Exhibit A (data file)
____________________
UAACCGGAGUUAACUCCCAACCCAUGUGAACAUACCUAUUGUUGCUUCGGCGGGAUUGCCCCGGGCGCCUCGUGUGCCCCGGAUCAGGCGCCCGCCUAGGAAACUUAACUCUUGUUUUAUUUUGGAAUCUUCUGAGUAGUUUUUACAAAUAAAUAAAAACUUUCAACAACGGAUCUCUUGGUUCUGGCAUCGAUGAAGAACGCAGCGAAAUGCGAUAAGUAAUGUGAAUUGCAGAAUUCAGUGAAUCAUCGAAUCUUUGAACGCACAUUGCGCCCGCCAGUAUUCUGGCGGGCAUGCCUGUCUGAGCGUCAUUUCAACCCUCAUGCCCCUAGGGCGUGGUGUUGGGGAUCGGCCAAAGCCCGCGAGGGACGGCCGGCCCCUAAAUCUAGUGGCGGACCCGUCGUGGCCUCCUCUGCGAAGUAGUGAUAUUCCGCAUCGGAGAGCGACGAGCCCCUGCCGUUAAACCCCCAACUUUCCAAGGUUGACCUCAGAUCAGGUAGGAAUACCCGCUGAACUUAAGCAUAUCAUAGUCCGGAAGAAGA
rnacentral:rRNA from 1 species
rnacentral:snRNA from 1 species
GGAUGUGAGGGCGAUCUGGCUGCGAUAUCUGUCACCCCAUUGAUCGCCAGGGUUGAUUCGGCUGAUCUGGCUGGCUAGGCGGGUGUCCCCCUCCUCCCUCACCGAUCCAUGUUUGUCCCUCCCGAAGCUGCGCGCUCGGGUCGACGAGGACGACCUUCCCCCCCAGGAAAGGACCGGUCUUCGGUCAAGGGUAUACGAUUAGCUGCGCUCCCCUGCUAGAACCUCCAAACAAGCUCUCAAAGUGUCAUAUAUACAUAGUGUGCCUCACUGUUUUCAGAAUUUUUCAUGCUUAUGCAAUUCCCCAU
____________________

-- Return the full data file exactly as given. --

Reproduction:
UAACCGGAGUUAACUCCCAACCCAUGUGAACAUACCUAUUGUUGCUUCGGCGGGAUUGCCCCGGGCGCCUCGUGUGCCCCGGAUCAGGCGCCCGCCUAGGAAACUUAACUCUUGUUUUAUUUUGGAAUCUUCUGAGUAGUUUUUACAAAUAAAUAAAAACUUUCAACAACGGAUCUCUUGGUUCUGGCAUCGAUGAAGAACGCAGCGAAAUGCGAUAAGUAAUGUGAAUUGCAGAAUUCAGUGAAUCAUCGAAUCUUUGAACGCACAUUGCGCCCGCCAGUAUUCUGGCGGGCAUGCCUGUCUGAGCGUCAUUUCAACCCUCAUGCCCCUAGGGCGUGGUGUUGGGGAUCGGCCAAAGCCCGCGAGGGACGGCCGGCCCCUAAAUCUAGUGGCGGACCCGUCGUGGCCUCCUCUGCGAAGUAGUGAUAUUCCGCAUCGGAGAGCGACGAGCCCCUGCCGUUAAACCCCCAACUUUCCAAGGUUGACCUCAGAUCAGGUAGGAAUACCCGCUGAACUUAAGCAUAUCAUAGUCCGGAAGAAGA
rnacentral:rRNA from 1 species
rnacentral:snRNA from 1 species
GGAUGUGAGGGCGAUCUGGCUGCGAUAUCUGUCACCCCAUUGAUCGCCAGGGUUGAUUCGGCUGAUCUGGCUGGCUAGGCGGGUGUCCCCCUCCUCCCUCACCGAUCCAUGUUUGUCCCUCCCGAAGCUGCGCGCUCGGGUCGACGAGGACGACCUUCCCCCCCAGGAAAGGACCGGUCUUCGGUCAAGGGUAUACGAUUAGCUGCGCUCCCCUGCUAGAACCUCCAAACAAGCUCUCAAAGUGUCAUAUAUACAUAGUGUGCCUCACUGUUUUCAGAAUUUUUCAUGCUUAUGCAAUUCCCCAU